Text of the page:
Undiscovered Country #1: A Surreal and Haunting Debut

Series: Undiscovered Country
Issue: 1
Publisher: Image
Published: November 6, 2019

Written by: Scott Snyder & Charles Soule
Art by: Giuseppe Camuncoli & Daniele Orlandini
Coloring by: Matt Wilson
Lettering: CRANK!

Publisher’s Summary: This November, New York Times bestselling writers SCOTT SNYDER (WYTCHES, A.D.: AFTER DEATH) and CHARLES SOULE (CURSE WORDS, the forthcoming novel Anyone) will team up with artists GIUSEPPE CAMUNCOLI (The Amazing Spider-Man, Darth Vader, Hellblazer) and DANIELE ORLANDINI (Darth Vader) and 2019 Eisner Award-winning colorist MATT WILSON (THE WICKED AND THE DIVINE, PAPER GIRLS) to embark on an epic adventure in the brand-new ongoing series, UNDISCOVERED COUNTRY! In this special oversized first issue, readers will journey into the near future, and an unknown nation that was once the United States of America—a land that’s become shrouded in mystery after walling itself off from the rest of the world without explanation over thirty years ago. When a team seeking a cure for a global pandemic breaches U.S. borders, they quickly find themselves in a struggle to survive this strange and deadly lost continent!


Review

Depending on your age and cultural awareness, America is a much different country than the one you grew up in; change is inevitable, sure, but change isn’t always warranted or positive. Without going into too much detail, I believe that it is safe to say that the United States of America is heading in a peculiar direction that has a great deal of its citizens concerned. For more reasons than I care to discuss, there’s good reason for readers–American readers, especially–to take a step back and not only view this country for what it is, but also for what it may become. With that said, culturally aware series like Undiscovered  Country are more than relevant, they’re necessary.

Much more than a cautionary tale, Undiscovered Country highlights the artificiality of modern civilization, and, specifically the absurdity of current policies and the overall social climate that modern readers find themselves trudging through. And, as much as texts like these offer readers an escape, they are also grounded in reality; because of this grounding, tales like the one being told in Undiscovered Country are especially unnerving, haunting even.

Scott Snyder and Charles Soule’s combined efforts have made for a script that’s as timely as it is exciting; the issues are authentic, the stakes are incredibly high, and the characters–what few we’ve met so far–are worth supporting and are easy to empathize with. Despite providing a great deal of critical commentary, Undiscovered Country moves at an impressive pace and never feels weighed down by soapbox speak or finger-pointing.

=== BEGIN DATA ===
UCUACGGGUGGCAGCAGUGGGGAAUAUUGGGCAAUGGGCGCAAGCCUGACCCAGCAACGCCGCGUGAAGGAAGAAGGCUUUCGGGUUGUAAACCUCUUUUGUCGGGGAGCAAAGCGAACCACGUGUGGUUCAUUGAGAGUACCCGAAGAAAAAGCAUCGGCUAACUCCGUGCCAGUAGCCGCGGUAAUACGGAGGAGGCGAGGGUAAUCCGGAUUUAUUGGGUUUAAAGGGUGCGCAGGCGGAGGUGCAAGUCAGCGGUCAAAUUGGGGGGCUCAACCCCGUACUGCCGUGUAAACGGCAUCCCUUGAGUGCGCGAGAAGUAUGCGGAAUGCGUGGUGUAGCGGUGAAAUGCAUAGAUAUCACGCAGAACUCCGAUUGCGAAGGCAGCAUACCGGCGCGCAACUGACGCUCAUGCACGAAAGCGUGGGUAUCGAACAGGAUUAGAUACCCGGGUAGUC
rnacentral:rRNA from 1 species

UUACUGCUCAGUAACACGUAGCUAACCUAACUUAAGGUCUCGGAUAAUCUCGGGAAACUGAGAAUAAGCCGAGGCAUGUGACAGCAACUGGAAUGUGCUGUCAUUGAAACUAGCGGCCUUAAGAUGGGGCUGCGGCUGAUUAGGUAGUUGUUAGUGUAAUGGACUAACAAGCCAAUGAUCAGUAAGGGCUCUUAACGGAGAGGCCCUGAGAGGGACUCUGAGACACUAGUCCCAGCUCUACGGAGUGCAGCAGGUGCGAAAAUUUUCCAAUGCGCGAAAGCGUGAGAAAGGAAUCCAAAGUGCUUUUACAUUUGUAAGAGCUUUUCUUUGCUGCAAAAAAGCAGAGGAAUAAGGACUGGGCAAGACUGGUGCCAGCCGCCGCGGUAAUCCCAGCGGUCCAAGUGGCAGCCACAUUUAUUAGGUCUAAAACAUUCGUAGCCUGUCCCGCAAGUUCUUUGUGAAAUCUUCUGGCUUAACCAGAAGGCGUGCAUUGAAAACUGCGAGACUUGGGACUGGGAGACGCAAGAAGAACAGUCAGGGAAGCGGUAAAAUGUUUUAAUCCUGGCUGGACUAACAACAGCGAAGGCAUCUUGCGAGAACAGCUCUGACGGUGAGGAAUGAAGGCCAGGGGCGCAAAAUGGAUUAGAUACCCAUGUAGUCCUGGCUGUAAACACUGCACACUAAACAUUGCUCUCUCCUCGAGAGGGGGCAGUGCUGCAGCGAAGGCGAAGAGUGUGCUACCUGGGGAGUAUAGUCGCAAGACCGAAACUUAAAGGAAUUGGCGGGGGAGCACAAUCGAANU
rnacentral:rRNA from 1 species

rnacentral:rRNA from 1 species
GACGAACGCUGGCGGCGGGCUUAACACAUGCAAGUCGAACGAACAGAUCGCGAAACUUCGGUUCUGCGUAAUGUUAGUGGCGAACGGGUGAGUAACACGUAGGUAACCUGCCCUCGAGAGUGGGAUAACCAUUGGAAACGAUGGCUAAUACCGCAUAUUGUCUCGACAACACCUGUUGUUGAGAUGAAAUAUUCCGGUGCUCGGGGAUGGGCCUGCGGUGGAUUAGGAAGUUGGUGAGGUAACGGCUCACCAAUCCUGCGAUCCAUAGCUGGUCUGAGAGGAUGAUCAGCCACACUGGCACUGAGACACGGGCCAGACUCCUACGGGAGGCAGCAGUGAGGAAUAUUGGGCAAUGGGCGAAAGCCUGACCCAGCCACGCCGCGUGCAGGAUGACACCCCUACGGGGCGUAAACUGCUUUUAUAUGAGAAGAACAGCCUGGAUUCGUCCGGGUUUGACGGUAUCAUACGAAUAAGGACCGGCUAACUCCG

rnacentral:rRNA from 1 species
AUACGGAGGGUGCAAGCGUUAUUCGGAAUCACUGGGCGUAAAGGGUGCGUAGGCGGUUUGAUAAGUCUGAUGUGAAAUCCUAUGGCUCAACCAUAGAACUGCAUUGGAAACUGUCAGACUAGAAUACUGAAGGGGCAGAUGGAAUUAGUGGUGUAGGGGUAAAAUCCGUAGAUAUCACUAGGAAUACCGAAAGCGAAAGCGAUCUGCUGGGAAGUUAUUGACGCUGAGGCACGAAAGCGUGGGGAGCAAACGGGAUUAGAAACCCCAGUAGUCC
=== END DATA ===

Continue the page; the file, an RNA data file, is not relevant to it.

As much as I enjoyed eyeing the ‘quiet’ scenes, this issue’s more intense scenes, that depict a surreal American landscape, are visually captivating. Giuseppe Camuncoli & Daniele Orlandini’s illustrations are spectacular and immerse readers in dream-like settings that are packed tight with things and being both stunning and frightening. This strange new American landscape, and its occupants, is sublime.

Clearly, chaos awaits. I’m eager to venture further into the surreal, and learn more about Snyder and Soule’s nightmarish America. I highly recommend reading this issue. 

Bottom Line

Much more than a cautionary tale, Undiscovered Country highlights the artificiality of modern civilization, and, specifically the absurdity of current policies and the overall social climate that modern readers find themselves trudging through. Haunting and surreal, Undiscovered Country demands to be read.

The Bottom Line
Much more than a cautionary tale, Undiscovered Country highlights the artificiality of modern civilization, and, specifically the absurdity of current policies and the overall social climate that modern readers find themselves trudging through. Haunting and surreal, Undiscovered Country demands to be read.
10
Score

Charlie Chipman
Charlie Chipman
The kind of guy who almost always ends his e-mails with, "Cheers," Charlie serves as Editor-in-Chief here at The Brazen Bull where he often reviews comic books and television shows. His favorite punctuation mark is the interrobang‽

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